If you’re in the market for a new guitar cord, you might have some questions about which brand makes the best guitar cable. Join us as we take an in-depth look at the different things that make one guitar cable better than the next. We’ll discuss length, materials, capacitance, and more, so you can make an educated choice and make the best purchase.
Cable Construction and Qualities
Here are a few different aspects of the guitar cable that you may want to consider before your next purchase.
For many of us, the length of the cable is one of the first things we look for, and it is often our main concern. However, we recommend you get the shortest cord possible for your set-up. You may require a longer cable for live performance, but you can often get by with a much shorter cable at home. Longer cables are messy and more prone to damage than shorter ones because there is more cable to damage.
However, the real reason we want to use the shorter cable is that as a cable gets longer, it creates capacitance. More capacitance will remove the highs from your guitar signal and leave you with a dull, muddy tone.
When considering your choice of the best guitar cable, one of the most important things to look for is its shielding. Shielding is often little more than thin aluminum foil attached to Ground, but it can also be a braided wire. Shielding is important to prevent static and other noise from entering the signal between the guitar and the amplifier. It does so by creating a type of Faraday cage that grabs radio frequency interference and shuttles it off to Ground.
Most guitar cables that you purchase at a guitar store have shielding, but many of the cables that are thrown in as a bonus when you buy a new piece of gear are not. You may not notice an unshielded cable at first, but over time you will begin to wonder why there is so much static in your signal. Another problem that we often see is that people repair a broken cable and forget to reconnect the shield.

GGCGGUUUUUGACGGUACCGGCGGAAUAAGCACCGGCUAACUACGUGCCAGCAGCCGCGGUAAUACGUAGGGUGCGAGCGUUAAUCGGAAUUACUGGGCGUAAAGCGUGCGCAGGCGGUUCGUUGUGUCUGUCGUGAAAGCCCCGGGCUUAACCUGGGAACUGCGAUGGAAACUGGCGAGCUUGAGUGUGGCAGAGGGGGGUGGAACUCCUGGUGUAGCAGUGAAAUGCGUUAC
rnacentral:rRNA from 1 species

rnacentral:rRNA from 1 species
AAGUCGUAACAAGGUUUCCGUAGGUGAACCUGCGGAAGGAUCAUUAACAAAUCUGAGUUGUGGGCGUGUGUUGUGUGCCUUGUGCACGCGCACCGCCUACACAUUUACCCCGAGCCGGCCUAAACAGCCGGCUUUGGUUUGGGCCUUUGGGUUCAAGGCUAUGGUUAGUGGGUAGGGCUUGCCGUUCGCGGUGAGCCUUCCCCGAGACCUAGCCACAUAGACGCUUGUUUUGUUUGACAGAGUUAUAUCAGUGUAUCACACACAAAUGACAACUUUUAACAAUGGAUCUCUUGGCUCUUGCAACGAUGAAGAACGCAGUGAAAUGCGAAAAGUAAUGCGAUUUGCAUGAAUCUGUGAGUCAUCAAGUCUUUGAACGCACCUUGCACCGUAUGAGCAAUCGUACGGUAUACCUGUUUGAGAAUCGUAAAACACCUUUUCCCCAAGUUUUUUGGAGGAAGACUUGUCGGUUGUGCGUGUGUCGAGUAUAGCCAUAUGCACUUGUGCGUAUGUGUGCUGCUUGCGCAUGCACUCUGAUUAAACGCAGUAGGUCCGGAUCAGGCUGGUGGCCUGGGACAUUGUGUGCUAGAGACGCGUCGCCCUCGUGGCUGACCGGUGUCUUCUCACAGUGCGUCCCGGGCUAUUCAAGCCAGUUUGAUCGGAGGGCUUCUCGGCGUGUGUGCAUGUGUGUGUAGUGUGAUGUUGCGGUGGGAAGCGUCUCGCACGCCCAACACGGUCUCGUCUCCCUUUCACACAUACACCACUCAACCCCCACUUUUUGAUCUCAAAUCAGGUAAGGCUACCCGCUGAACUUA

Another thing to think about when considering the best guitar cable is the wiring. Often it’s copper, but it can sometimes be aluminum or nickel. We recommend looking for brands that use copper because it is more conductive, which can reduce the capacitance created. If the shielding is a braided metal, it is almost always aluminum.
A thicker wire does conduct more electricity, but it’s important to remember that the guitar doesn’t create much electricity, so there’s no need to buy into the thick wire hype. Thicker wire is better for power amps and speaker wire, where large amounts of electricity do flow.
In our search for the best guitar cable, we’ve seen many types of casing material, but most are a flexible rubber or plastic. Cloth cables are also becoming more popular. The type of casing you get is personal taste, and the different materials have little effect on the tone that they create. Most materials are very durable.
One of the biggest things that guitar cable manufacturers market is ‘special ends’. Most commonly, gold-plated ends. The idea is that the gold plating will help conduct the electricity better, leaving the guitar and entering the amp. Many computers and other high-end gear utilize plenty of gold connections in their internal components.
However, we don’t recommend gold plated cables for the following reasons:
- Gold plating adds to the price of the cable.
- It’s extremely thin and often wears off quickly.
- It doesn’t improve the tone, and if it does, it’s extremely minor.
- It can cause some metals to corrode, mainly aluminum. When gold is in contact with aluminum, it creates corrosion, which will reduce conductivity resulting in the opposite of the cable’s intention.
- The guitar jack is usually steel, but the amplifier, foot pedals, mixing boards, etc. may use jacks that contain aluminum, so it’s better to avoid gold plating completely.
There are many brands of cable available, and everyone has their own favorite. We feel that the brand doesn’t matter. What does matter is that it’s shielded, as short as possible, and doesn’t have gold ends. We like the cloth sleeves because they seem easier to wrap and don’t get as dusty-looking over time.
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